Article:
Disgrace (2008)

Disgrace is Steve Jacobs‘ adaptation of J. M. Coetzee‘s book, starring John Malkovich, Jessica Haines, Eriq Ebouaney and Antoinette Engel.

Plot:
David Lurie (John Malkovich) is an ageing professor at the University of Capetown. When he coerces a student (Antoinette Engel) into sex and is caught, he rather leaves the university without even defending himself than apologise. He leaves Capetown and moves to his daughter Lucy (Jessica Haines), who leaves at a remote farm. For a while, things seem to look up and David seems to find his balance but then Lucy and David are assaulted and Lucy is raped, while David is unable to protect her.

I’m gonna put this plain and simple: This movie sucks. It sucks mostly for its politics, but surprisingly, John Malkovich sucked as well.

And just so you’re warned, this review will be one huge rant.

[SPOILERS]

The movie fails on so many levels, I don’t even know where to start. Probably easiest, though, to start with the most obvious thing: John Malkovich absolutely sucked. His South African accent was ridiculous and he played the role like he was an emotionless robot, who was a long way away from the events. I honestly have never seen him do such a bad job in a film. It was like he couldn’t act at all. And it was even more emphasised by Jessica Haines being absolutely brilliant in her role.

Unfortunately, the movie really didn’t deserve her. I don’t think that I’ve ever seen a rape victim treated with less empathy than I have in this film. Lucy stays completely alien to the audience, there is no attempt made to understand why she would choose to keep her rapist’s child or why she would stay at the farm even though it was clearly not safe.

Instead, we live the story through David’s eyes. And it is not necessarily a catastrophe to tell a story about rape through the eyes of somebody not directly involved, but holy fucking shit, people. This movie totally blew it. David, a rapist himself, is completely judgemental of his daughter’s way to handle her own rape and you always felt like he was telling her how to heal better. Not good. [Also, it was pretty much ignored that he raped his student – you can go through this movie thinking that the “fuss” was kicked up because he slept with a student, not because he fucking raped a student.]

And apart from the rape issues – which are plenty – there was also the fact that everybody was white except David’s student, and her family and boyfriend, of course, Lucy’s rapists and Lucy’s neighbour who covers for one of her rapists because he’s family. So, black people are either victims or perpetrators in this film, they are never just people. And that is fucking bullshit right there.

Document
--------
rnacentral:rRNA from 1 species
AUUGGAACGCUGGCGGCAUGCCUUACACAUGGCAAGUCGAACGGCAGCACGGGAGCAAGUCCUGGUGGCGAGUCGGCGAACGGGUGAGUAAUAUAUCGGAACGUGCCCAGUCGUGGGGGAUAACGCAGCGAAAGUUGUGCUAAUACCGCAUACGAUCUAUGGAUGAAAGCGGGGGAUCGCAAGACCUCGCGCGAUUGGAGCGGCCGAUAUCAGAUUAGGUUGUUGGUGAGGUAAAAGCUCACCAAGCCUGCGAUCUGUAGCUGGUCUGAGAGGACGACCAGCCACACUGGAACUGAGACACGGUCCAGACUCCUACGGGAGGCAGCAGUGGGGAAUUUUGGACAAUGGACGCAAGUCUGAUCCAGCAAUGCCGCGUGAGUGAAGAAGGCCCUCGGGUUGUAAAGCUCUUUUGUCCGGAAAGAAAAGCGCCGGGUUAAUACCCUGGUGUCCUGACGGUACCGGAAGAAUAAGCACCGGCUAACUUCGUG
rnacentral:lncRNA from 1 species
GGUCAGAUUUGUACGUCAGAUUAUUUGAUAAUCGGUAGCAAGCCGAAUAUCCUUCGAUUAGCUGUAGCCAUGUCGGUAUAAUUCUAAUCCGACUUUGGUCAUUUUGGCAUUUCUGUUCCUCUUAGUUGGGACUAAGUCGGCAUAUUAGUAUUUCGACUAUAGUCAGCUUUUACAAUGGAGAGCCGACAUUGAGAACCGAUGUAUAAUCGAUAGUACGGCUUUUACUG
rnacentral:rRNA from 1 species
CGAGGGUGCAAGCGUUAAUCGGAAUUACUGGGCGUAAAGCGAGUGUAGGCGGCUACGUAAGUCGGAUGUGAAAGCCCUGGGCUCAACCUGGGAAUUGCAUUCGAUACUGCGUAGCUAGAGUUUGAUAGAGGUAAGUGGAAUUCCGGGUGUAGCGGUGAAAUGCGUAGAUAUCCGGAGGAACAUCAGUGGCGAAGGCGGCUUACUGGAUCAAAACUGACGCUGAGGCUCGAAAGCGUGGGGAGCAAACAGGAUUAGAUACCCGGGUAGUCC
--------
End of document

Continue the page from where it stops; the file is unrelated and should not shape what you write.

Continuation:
Summarising: Don’t watch it. Just… don’t.

I had originally planned to read the book, because I really liked Coetzee’s autobiography Boyhood, but now I’m not so sure anymore that I want to. But maybe the book is very different? It only remains to hope.

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7 thoughts on “Disgrace (2008)

  1. The point of “Disgrace” (the book) is that blacks in South-Africa were victims and everyone is somehow used to that and Lucy feels the disgrace of the black people of the country and the guilt of being white and living in a whiteys-world in a black country (the cast is all white on purpose because that’s how a certain part of the South-African upper-class still lives). It is white Lucy who gets raped by a black man, thereby suffering disgrace from being a victim.
    The focus is on the black/white victim/victimizer thingy.
    You should give the book a try.

    … Though, honestly, I totally dislike Coetzee (still recognizing his greatness and al) because his characters are always rather gharstly, oftentimes academic old men seeing the world thrugh their eyes only.

    • It sounds like the book is better than the movie. Because the movie has practically nothing left of that message.

      And what you say about hating Coetzee (which might as well be said about Roth) is very true for this film: we only get the arrogant, white old men’s point of view.

  2. Yawp. “My life as a man” made me sincerely dislike Roth event though he wrote “the human stain” which was really great.
    This total not getting women and not seeing them as anything but objects was totally unbearable. Not to mention that Zuckerman (the protagonist) is an asshole.

    I had mentioned Roth in my un-edited comment (then deleted it because it was off-topic), funny thing you mentioned him, too.

      • True.
        You know, there are some authors where I can’t really draw the line between author and protagonist. –> dislike for the author because the protagonist is such a whacko.

          • Yawp. But the author could be so nice (or think himself so nice) that the character is likeable.
            Pe Peter Hoeg’s “Peter Hog” (Borderliners) is a twisted character with a lot of issues and a certain affinity to law-breaking. And still… he is nice.

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